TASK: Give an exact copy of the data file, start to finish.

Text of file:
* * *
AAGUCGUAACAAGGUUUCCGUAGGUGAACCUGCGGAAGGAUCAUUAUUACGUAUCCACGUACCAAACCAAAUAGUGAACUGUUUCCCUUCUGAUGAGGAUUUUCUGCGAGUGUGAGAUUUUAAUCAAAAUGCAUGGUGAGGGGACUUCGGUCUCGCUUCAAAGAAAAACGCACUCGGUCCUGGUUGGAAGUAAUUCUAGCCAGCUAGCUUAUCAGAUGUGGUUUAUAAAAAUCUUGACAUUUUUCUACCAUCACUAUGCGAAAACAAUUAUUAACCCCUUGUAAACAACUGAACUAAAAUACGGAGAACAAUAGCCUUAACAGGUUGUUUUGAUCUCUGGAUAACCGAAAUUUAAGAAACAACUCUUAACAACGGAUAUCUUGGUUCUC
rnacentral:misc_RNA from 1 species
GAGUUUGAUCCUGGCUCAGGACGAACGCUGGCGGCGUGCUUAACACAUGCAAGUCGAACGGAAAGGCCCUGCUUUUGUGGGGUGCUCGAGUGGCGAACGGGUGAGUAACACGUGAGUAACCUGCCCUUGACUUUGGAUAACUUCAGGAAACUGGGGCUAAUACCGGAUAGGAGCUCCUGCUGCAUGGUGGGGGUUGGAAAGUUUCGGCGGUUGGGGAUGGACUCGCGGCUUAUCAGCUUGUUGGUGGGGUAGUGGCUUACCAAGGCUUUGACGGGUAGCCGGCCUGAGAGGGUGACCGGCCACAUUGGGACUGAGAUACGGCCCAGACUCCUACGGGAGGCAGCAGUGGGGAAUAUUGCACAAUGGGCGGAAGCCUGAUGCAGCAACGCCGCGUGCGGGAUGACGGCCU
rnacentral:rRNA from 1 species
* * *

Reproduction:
AAGUCGUAACAAGGUUUCCGUAGGUGAACCUGCGGAAGGAUCAUUAUUACGUAUCCACGUACCAAACCAAAUAGUGAACUGUUUCCCUUCUGAUGAGGAUUUUCUGCGAGUGUGAGAUUUUAAUCAAAAUGCAUGGUGAGGGGACUUCGGUCUCGCUUCAAAGAAAAACGCACUCGGUCCUGGUUGGAAGUAAUUCUAGCCAGCUAGCUUAUCAGAUGUGGUUUAUAAAAAUCUUGACAUUUUUCUACCAUCACUAUGCGAAAACAAUUAUUAACCCCUUGUAAACAACUGAACUAAAAUACGGAGAACAAUAGCCUUAACAGGUUGUUUUGAUCUCUGGAUAACCGAAAUUUAAGAAACAACUCUUAACAACGGAUAUCUUGGUUCUC
rnacentral:misc_RNA from 1 species
GAGUUUGAUCCUGGCUCAGGACGAACGCUGGCGGCGUGCUUAACACAUGCAAGUCGAACGGAAAGGCCCUGCUUUUGUGGGGUGCUCGAGUGGCGAACGGGUGAGUAACACGUGAGUAACCUGCCCUUGACUUUGGAUAACUUCAGGAAACUGGGGCUAAUACCGGAUAGGAGCUCCUGCUGCAUGGUGGGGGUUGGAAAGUUUCGGCGGUUGGGGAUGGACUCGCGGCUUAUCAGCUUGUUGGUGGGGUAGUGGCUUACCAAGGCUUUGACGGGUAGCCGGCCUGAGAGGGUGACCGGCCACAUUGGGACUGAGAUACGGCCCAGACUCCUACGGGAGGCAGCAGUGGGGAAUAUUGCACAAUGGGCGGAAGCCUGAUGCAGCAACGCCGCGUGCGGGAUGACGGCCU
rnacentral:rRNA from 1 species